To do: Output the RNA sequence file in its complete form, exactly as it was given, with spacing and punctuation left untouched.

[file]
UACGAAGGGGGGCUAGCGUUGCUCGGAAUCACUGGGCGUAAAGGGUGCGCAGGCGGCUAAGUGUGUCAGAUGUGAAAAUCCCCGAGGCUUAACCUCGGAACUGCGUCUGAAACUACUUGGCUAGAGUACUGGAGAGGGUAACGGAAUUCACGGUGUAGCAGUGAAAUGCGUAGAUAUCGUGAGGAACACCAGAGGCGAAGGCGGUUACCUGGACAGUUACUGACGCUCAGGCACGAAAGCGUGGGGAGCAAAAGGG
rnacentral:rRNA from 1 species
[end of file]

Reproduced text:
UACGAAGGGGGGCUAGCGUUGCUCGGAAUCACUGGGCGUAAAGGGUGCGCAGGCGGCUAAGUGUGUCAGAUGUGAAAAUCCCCGAGGCUUAACCUCGGAACUGCGUCUGAAACUACUUGGCUAGAGUACUGGAGAGGGUAACGGAAUUCACGGUGUAGCAGUGAAAUGCGUAGAUAUCGUGAGGAACACCAGAGGCGAAGGCGGUUACCUGGACAGUUACUGACGCUCAGGCACGAAAGCGUGGGGAGCAAAAGGG
rnacentral:rRNA from 1 species